A special population of focus in this study from the Human Service Profession is the adolescent group. The adolescents’ group population is facing critical challenges that should attract scholars to examine some of them. According to UNICEF (2019), the United Nations defines adolescents as those people between the ages of ten and nineteen. Currently, the population number of the adolescent is 1.2 billion in the world, making up sixteen percent of the world’s population. As children up to the age of 18, most adolescents are protected under the Convention on the Rights of the Child. Yet, their vulnerabilities and needs often remain unaddressed.
Building rapport when working with children or adolescents can be more complicated than when working with adults. Some children may have had traumatic experiences with new adults in their lives; others may have trust issues stemming from their diagnosis (Core, 2016). Adolescents are notoriously wary of adults they perceive to be in a position of authority. While the concept of transparency may be difficult for a child to understand, let him know that you have nothing to hide (Career Quest Learning Centers, 2019). Try explaining to the child that your job is to get to know him and to use his strengths and interests to improve areas of life he may not be happy with (Valizadeh et al., 2018).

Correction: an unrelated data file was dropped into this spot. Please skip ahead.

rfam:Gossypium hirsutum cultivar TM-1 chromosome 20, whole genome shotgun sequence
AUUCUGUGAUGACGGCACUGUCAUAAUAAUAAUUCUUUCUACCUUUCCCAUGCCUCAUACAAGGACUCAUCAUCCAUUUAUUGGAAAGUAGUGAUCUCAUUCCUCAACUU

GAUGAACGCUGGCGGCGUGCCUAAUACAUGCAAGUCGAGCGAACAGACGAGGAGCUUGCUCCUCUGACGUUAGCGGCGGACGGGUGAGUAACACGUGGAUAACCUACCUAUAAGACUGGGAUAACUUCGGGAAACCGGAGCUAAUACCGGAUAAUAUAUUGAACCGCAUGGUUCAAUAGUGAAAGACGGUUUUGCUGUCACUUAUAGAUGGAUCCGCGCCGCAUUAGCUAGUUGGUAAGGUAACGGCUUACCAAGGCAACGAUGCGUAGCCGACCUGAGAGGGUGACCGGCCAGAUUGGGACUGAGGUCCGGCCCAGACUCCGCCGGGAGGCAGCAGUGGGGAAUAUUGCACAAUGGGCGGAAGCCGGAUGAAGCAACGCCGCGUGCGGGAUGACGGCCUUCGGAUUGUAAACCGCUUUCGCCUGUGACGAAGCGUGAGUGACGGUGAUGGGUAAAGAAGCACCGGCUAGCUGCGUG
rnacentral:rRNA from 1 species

I can effectively work with the group and help them manage their problems. For instance, take your time with children, especially those who have a traumatic experience, and study them person keenly for by being patient and not rushing, but understand the child. The counselling profession requires understanding and the patient and always be patient.